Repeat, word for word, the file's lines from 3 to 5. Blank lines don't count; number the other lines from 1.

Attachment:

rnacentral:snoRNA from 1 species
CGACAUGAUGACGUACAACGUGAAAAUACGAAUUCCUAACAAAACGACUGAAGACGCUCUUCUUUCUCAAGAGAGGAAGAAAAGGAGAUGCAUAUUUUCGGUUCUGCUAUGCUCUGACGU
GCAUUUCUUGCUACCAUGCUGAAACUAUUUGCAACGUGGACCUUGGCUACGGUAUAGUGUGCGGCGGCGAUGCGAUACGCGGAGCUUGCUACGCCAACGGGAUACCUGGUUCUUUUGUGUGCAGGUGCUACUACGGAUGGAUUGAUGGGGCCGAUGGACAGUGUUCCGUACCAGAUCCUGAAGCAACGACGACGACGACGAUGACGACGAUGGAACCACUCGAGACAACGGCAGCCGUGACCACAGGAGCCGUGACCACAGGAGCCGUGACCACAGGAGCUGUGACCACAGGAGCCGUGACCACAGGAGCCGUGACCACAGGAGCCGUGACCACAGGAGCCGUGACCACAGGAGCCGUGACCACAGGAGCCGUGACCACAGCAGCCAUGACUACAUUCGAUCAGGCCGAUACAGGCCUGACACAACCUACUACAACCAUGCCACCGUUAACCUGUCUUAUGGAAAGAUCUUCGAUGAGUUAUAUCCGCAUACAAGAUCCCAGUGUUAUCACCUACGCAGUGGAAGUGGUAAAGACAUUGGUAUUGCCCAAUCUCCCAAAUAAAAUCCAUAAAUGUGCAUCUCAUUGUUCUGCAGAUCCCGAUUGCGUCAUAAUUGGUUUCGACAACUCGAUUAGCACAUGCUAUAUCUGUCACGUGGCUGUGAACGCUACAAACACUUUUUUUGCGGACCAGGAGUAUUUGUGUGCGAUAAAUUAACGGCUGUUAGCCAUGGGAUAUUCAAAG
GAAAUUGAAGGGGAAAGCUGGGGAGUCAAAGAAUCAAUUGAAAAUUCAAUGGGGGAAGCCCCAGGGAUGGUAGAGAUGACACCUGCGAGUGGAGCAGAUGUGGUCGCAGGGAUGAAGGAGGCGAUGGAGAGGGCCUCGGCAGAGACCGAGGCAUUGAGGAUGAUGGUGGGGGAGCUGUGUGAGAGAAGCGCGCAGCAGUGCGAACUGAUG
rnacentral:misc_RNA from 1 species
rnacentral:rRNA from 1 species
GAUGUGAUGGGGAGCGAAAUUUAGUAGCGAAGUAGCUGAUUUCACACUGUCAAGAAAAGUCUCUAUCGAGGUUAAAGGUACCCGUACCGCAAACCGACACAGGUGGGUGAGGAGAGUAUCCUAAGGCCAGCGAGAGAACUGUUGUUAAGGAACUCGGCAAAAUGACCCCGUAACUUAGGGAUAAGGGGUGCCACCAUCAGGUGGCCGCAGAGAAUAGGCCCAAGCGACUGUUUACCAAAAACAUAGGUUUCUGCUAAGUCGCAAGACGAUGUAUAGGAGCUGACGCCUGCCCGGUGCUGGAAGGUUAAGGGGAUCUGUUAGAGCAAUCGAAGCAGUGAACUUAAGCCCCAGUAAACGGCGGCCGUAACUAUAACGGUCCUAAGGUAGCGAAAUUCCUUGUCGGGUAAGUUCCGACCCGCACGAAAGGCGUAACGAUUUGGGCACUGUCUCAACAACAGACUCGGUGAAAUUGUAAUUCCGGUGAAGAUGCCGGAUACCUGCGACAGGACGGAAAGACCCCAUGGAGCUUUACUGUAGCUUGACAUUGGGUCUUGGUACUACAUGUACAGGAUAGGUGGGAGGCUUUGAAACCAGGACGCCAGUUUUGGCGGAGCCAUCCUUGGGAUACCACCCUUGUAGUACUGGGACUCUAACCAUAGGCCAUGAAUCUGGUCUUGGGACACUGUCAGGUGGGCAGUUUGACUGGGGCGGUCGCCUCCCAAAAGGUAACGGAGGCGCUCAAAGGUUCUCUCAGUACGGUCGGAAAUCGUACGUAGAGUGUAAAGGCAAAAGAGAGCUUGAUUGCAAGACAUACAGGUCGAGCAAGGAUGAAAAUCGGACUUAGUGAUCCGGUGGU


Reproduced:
GCAUUUCUUGCUACCAUGCUGAAACUAUUUGCAACGUGGACCUUGGCUACGGUAUAGUGUGCGGCGGCGAUGCGAUACGCGGAGCUUGCUACGCCAACGGGAUACCUGGUUCUUUUGUGUGCAGGUGCUACUACGGAUGGAUUGAUGGGGCCGAUGGACAGUGUUCCGUACCAGAUCCUGAAGCAACGACGACGACGACGAUGACGACGAUGGAACCACUCGAGACAACGGCAGCCGUGACCACAGGAGCCGUGACCACAGGAGCCGUGACCACAGGAGCUGUGACCACAGGAGCCGUGACCACAGGAGCCGUGACCACAGGAGCCGUGACCACAGGAGCCGUGACCACAGGAGCCGUGACCACAGGAGCCGUGACCACAGCAGCCAUGACUACAUUCGAUCAGGCCGAUACAGGCCUGACACAACCUACUACAACCAUGCCACCGUUAACCUGUCUUAUGGAAAGAUCUUCGAUGAGUUAUAUCCGCAUACAAGAUCCCAGUGUUAUCACCUACGCAGUGGAAGUGGUAAAGACAUUGGUAUUGCCCAAUCUCCCAAAUAAAAUCCAUAAAUGUGCAUCUCAUUGUUCUGCAGAUCCCGAUUGCGUCAUAAUUGGUUUCGACAACUCGAUUAGCACAUGCUAUAUCUGUCACGUGGCUGUGAACGCUACAAACACUUUUUUUGCGGACCAGGAGUAUUUGUGUGCGAUAAAUUAACGGCUGUUAGCCAUGGGAUAUUCAAAG
GAAAUUGAAGGGGAAAGCUGGGGAGUCAAAGAAUCAAUUGAAAAUUCAAUGGGGGAAGCCCCAGGGAUGGUAGAGAUGACACCUGCGAGUGGAGCAGAUGUGGUCGCAGGGAUGAAGGAGGCGAUGGAGAGGGCCUCGGCAGAGACCGAGGCAUUGAGGAUGAUGGUGGGGGAGCUGUGUGAGAGAAGCGCGCAGCAGUGCGAACUGAUG
rnacentral:misc_RNA from 1 species